Oct 24, 2019

A top drug importation critic was funded by PhRMA

Illustration: Sarah Grillo/Axios

The National Sheriff's Association has become a loud critic of prescription drug importation in recent years, but there's a catch: Its anti-importation campaign is funded by a nonprofit that's backed by PhRMA, Bloomberg reports.

Between the lines: The association has struggled financially in recent years, and turned to seeking grants from corporations and nonprofits. This year, the Partnership for Safe Medicines — a PhRMA-backed nonprofit — is the sheriffs' biggest grant-provider.

  • An internal document from April obtained by Bloomberg shows that the partnership gave $908,926 to the association in the previous six months, which was almost half of the group's total grant funding.
  • The money more than covered an anti-importation ad campaign over the summer. “NSA has received a grant from the Partnership for Safe Medicines for this NSA initiative that covers ALL the ad buys and that earns NSA $125,000 over about the next 3 months,” a leader of the sheriffs’ group wrote in an email to a member.

"The commercials are just one part of a two-year campaign that used secret payments, a widely criticized consultant’s report and even celebrity drug cops to concoct public-safety arguments against drug importation and then use them to foster the appearance of widespread concern among law-enforcement groups," Bloomberg's Ben Elgin writes.

Go deeper: PhRMA spread money far and wide in Trump's first year

Go deeper

World coronavirus updates

Data: The Center for Systems Science and Engineering at Johns Hopkins; Map: Axios Visuals

New Zealand now has only one novel coronavirus patient in hospital and just 22 active cases in the country, top health official Ashley Bloomfield confirmed at a briefing. He's "confident we have broken the chain of domestic transmission," with no new cases reported for most of May, he added.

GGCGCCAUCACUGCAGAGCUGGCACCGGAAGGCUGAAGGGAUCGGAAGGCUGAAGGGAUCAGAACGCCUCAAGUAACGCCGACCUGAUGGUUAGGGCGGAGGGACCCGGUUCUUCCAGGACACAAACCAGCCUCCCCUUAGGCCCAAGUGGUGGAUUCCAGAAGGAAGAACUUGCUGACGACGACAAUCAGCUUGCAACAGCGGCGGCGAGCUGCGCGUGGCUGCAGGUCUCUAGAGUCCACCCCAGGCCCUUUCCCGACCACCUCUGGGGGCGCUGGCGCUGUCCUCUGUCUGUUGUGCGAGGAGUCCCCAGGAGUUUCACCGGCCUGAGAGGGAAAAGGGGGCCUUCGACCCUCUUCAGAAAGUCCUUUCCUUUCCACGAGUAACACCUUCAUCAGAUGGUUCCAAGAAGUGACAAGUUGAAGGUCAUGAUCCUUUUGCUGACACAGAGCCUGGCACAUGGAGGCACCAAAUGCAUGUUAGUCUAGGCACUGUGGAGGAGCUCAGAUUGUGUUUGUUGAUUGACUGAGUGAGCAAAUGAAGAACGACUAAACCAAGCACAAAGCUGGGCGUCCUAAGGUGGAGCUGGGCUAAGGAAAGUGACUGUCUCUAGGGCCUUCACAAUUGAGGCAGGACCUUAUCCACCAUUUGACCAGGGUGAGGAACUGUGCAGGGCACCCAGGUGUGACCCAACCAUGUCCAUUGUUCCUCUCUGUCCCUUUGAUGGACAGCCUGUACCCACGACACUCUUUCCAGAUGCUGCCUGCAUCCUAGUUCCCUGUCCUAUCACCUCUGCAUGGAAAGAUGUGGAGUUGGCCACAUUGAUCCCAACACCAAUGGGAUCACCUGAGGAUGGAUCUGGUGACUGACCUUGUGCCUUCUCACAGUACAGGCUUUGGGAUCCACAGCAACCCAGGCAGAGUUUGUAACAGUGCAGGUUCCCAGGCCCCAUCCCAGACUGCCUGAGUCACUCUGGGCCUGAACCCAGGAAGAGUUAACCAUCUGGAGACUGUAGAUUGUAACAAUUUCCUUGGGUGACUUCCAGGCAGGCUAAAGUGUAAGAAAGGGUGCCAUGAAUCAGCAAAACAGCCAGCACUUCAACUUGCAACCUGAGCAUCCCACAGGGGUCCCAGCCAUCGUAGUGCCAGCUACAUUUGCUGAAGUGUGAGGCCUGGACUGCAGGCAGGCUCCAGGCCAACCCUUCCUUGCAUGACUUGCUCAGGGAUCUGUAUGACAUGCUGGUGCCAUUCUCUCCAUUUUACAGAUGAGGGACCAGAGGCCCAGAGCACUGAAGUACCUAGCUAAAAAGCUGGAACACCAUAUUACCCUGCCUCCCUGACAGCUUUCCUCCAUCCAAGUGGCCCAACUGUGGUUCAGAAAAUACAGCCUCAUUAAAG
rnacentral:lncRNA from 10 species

By the numbers: Brazil on Monday recorded for the first time more deaths from the novel coronavirus in a single day than the United States, Reuters notes. Brazil reported 807 deaths from COVID-19 in the past 24 hours, compared to 620 in the U.S. for the same period.

Coronavirus dashboard

Illustration: Aïda Amer/Axios

  1. Global: Total confirmed cases as of 10:30 p.m. ET: 5,494,287 — Total deaths: 346,229 — Total recoveries — 2,31,722Map.
  2. U.S.: Total confirmed cases as of 10:30 p.m. ET: 1,662,302 — Total deaths: 98,218 — Total recoveries: 379,157 — Total tested: 14,604,942Map.
  3. World: Italy reports lowest number of new cases since February — Ireland reports no new coronavirus deaths on Monday for the first time since March 21 — WHO suspends trial of hydroxychloroquine over safety concerns.
  4. 2020: Trump threatens to move Republican convention from North Carolina — Joe Biden makes first public appearance in two months.
  5. Public health: Officials are urging Americans to wear masks over Memorial Day.
  6. Economy: New York stock exchange to reopen its floor on Tuesday — White House economic adviser Kevin Hassett says it's possible the unemployment rate could still be in double digits by November's election — Charities refocus their efforts to fill gaps left by government.
  7. What should I do? Hydroxychloroquine questions answeredTraveling, asthma, dishes, disinfectants and being contagiousMasks, lending books and self-isolatingExercise, laundry, what counts as soap — Pets, moving and personal healthAnswers about the virus from Axios expertsWhat to know about social distancingHow to minimize your risk.
  8. Other resources: CDC on how to avoid the virus, what to do if you get it, the right mask to wear.

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Updated 55 mins ago - Politics & Policy

Pro-Hong Kong resolution at British university fails after Chinese student opposition

A protester waves the Hong Kong colonial flag during a July 2019 demonstration against the extradition law to China. Photo: Ivan Abreu/SOPA Images/LightRocket via Getty Images

A student resolution expressing support for the Hong Kong pro-democracy movement was voted down at the University of Warwick in England, after opposition from mainland Chinese students.

Why it matters: The charged politics of China's actions in Hong Kong are spilling over to university campuses thousands of miles away, raising questions for students and university administrators about how to protect democratic values.